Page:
Lorraine Cosgrove Ware

October 29, 2007

The following are comments I was honored to have the opportunity to share on the very sad occasion of the memorial service for my friend Lorraine. (Photo here by her friend Ronnie.)

Just a brief disclaimer, in words from the poet John Donne:
Language thou art too narrow, and too weak
To ease us now; great sorrow cannot speak.

So we may not speak of our sorrow today, though we feel it. We’ll speak instead of our gratitude for having known Lorraine.

Lorraine was impeccable.

In her dress, her manners, her taste and how she kept her home (and her boat), in the work she produced and her professionalism… also in her treatment of friends and loved ones. Everything about her was polished and crisp and sharp.

If you didn’t know Lorraine and heard that description, you might picture someone prim or fussy or stuck-in-the-muddish.

I had the really good fortune to share an office with Lorraine for six years at her most recent workplace. I have to admit: That first day when she came in with her impeccable self to the office, I was intimidated. And when, day after day, she was so perfectly put together and coiffed, so professional, so clearly accomplished and ambitious…I, feeling like a lumbering ragamuffin by contrast, wondered, gee, will we have anything in common? Will we even get along?

As you can imagine, it didn’t take long for me to be delighted by her friendliness and surprised by her sort-of sly and very sharp and even subversive wit. That’s not what appearances had led me to expect. She was definitely not prim or fussy or stuck-in-the-muddish. She was a total blessing to my work life, and we became real friends in and beyond the office.

We solved many of the world’s problems, we liked to say, up there in the pod on the third floor on Old Connecticut Path. And we wondered indignantly why the Nobel Committee was not calling. Lorraine had mock outrage down to an ironic science. And she could portray a satiric buying-in to the absurdities in life, with a subtlety and pointedness that would put Stephen Colbert to shame. Her sense of humor was, indeed, impeccable. Perhaps most uniquely, she told incredibly comic stories without malice.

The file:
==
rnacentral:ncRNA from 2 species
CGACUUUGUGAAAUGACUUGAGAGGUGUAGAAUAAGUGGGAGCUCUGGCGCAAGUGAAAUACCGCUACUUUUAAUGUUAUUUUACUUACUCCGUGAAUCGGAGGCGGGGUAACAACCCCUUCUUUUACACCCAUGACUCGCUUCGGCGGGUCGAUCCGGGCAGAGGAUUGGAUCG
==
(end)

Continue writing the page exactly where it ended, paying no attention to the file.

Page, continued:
Lorraine was smart. She made good decisions. She made an especially good one, downright impeccable, in choosing her spouse. Andy was a great match for many reasons—besides just being a good guy. She loved him like crazy. They shared a lot of adventures, had common interests, and were both keenly funny. Most memorable just now, though, is how Andy accompanied Lorraine through the experience of cancer with sensitivity and strength and humor. And those of us who love Lorraine are so grateful to you Andy for being there every day and taking such good care of her.

So, Lorraine had cancer. But she did not become a cancer victim. She was an impeccable model of how to handle, even fight an illness and yet remain fully engaged in the rest of life. And doing that, she paved a way down a difficult road that we will all inevitably travel.

There are some lessons I aim to remember from how she lived. (I’ve distilled them to bullet points with examples in the spirit of research, her professional specialty…)

Go broad.
Make all you’ve done a part of you.
Live in the South Pacific. Sell cosmetics. Meditate. Learn the songs of cowboys, hired hands, and other wanderers. Get an MBA and Big Papi’s autograph.

Go deep.
Do things thoroughly.
Don’t just get a boat, take electronic instrumentation classes with the Power Squadron. Don’t just go to the doctor, explore every modality in pursuit of your health.

Be daring.
You’re tougher than you look.
Sail in the dark. Eat haggis. Ski black diamonds first thing in the morning.
Be caring.
Share your strength.
Mentor colleagues. Send gifts to nieces and nephews. Keep things beautiful.

Laugh often.
And help others laugh.
Stop the battle of Gettysburg. Collide with Jimmy Connors in a doorway. Be one of the “chicks” in the house. [You may have to ask some of her friends for explanations here.]

Stay open.
Embrace what the world offers.
Read The House of Seven Gables. Be an exceptional hostess. Go to a fife & drum muster.

Go broad. Go deep. Be daring. Be caring. Laugh often. Stay open.

And, mostly, let’s remember—and thank—Lorraine, for being an impeccable teacher.


One Response to “Lorraine Cosgrove Ware”

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